Bowler Ratings


(1-10 in order of Stroker (ST), Tweener (TW), Cranker (CR))

General Ball Info

Coverstock Info
R2S Solid Reactive
Reactive Solid
Box Finish:
4000 Abralon
Blue / Pink
Core Info
Total Diff:0.045
Int. Diff:NA

The Manic is the second release at this price point from Storm this month. The Manic gives bowlers the option of a solid resin coverstock surrounding the NOS core. Compared to the Fringe and Frantic, this ball creates much more friction and provides more hook than either.

The added traction provided by the 4000 Abralon solid R2S cover gave us a look we liked on the medium test pattern. Stroker enjoyed the free hook which is always a benefit for lower rev players. Tweener’s equal revs and ball speeds allowed him to play nearly anywhere he wanted on this pattern. He could be firm and play closer to the track or move into the oil and get it to the track area down lane. Cranker was deeper in the oil and, as usual, due to his rev rate, was able to have his breakpoint further right than the other two testers. We added a coat of Storm’s Step Two compound to the test balls just to see if we could find a little better reaction. With the compound added, we saw more length with a stronger change of direction at the breakpoint. It was still not as strong at the breakpoint and back end as the Fringe but was smoother than the Frantic.

Moving to the heavy test pattern, the box finish was plenty enough surface for Cranker to get to the pocket. Tweener and Stroker needed a little more help and settled on using a 2000 Abralon pad on Stroker’s Manic and a 3000 Abralon surface on Tweener’s. With the lower surface grit, these testers were able to create the traction needed to get the ball through the slick stuff.

The Manic offered one of Stroker’s best looks in a while on our sport pattern. The traction and control offered out of the Manic offered push and recovery on a pattern that usually doesn’t offer too much help. Tweener and Cranker left their Manics at the box finish as well for this pattern. The smooth nature was a benefit for these players as well. They could get the Manic to the friction spots without it jumping and over-reacting.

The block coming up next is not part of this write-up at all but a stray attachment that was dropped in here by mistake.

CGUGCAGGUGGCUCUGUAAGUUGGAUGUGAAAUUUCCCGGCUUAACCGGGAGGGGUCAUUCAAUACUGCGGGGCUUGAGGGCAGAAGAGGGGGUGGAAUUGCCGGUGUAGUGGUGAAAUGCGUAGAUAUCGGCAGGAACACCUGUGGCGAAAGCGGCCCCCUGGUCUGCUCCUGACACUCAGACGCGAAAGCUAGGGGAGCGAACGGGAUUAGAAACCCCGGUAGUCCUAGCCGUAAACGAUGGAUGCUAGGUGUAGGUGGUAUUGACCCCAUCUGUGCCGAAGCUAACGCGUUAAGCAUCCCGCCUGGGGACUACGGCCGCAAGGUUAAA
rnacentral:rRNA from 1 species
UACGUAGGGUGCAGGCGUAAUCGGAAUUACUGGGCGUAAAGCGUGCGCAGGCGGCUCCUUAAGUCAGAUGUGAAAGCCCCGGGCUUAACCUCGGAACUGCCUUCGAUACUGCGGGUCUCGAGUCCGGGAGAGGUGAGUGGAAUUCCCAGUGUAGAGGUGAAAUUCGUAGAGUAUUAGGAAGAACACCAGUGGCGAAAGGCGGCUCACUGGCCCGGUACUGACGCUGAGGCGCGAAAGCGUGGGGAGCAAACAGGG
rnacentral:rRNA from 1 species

The dry pattern offered little to no reaction at the box finish. The early traction was too much for this short pattern. We raised the surfaces to a 4000 Abralon and applied a layer of Reacta-Shine. Even with the surface change, this ball was too much hook for this amount of oil.

Performance Ratings

The 4000 Abralon cover smoothes out the motion when the Manic sees some dry boards. The Manic smoothed out some of the over/under reaction we saw later in the testing session from the Fringe.
Storm’s 4000 Abralon finishes seem to be a little rougher than other brands. The added friction from the sanded cover keeps the length down.
Back End
The Manic fits the mold of a solid as it is earlier and smoother than a pearl. Shining the cover should help increase the angularity of the back end reaction.
Total Hook
As we saw a correlation between the Fringe and 2Fast, we also saw more total motion from the Manic than we did the 2Furious.

Strengths: The control we had from the 2Furious, along with more overall hook, make the Manic a great choice for medium to heavy volumes of oil.

Weaknesses: Dry lanes will make the Manic hard to control. Even as the heads began to go on our medium pattern, all three testers started having trouble getting the Manic down the lane.

Overall Summary: The Manic fills the gap left by the discontinued 2Furious. Frantic owners who want more hook can look to the Manic to provide similar hook shape and more total motion.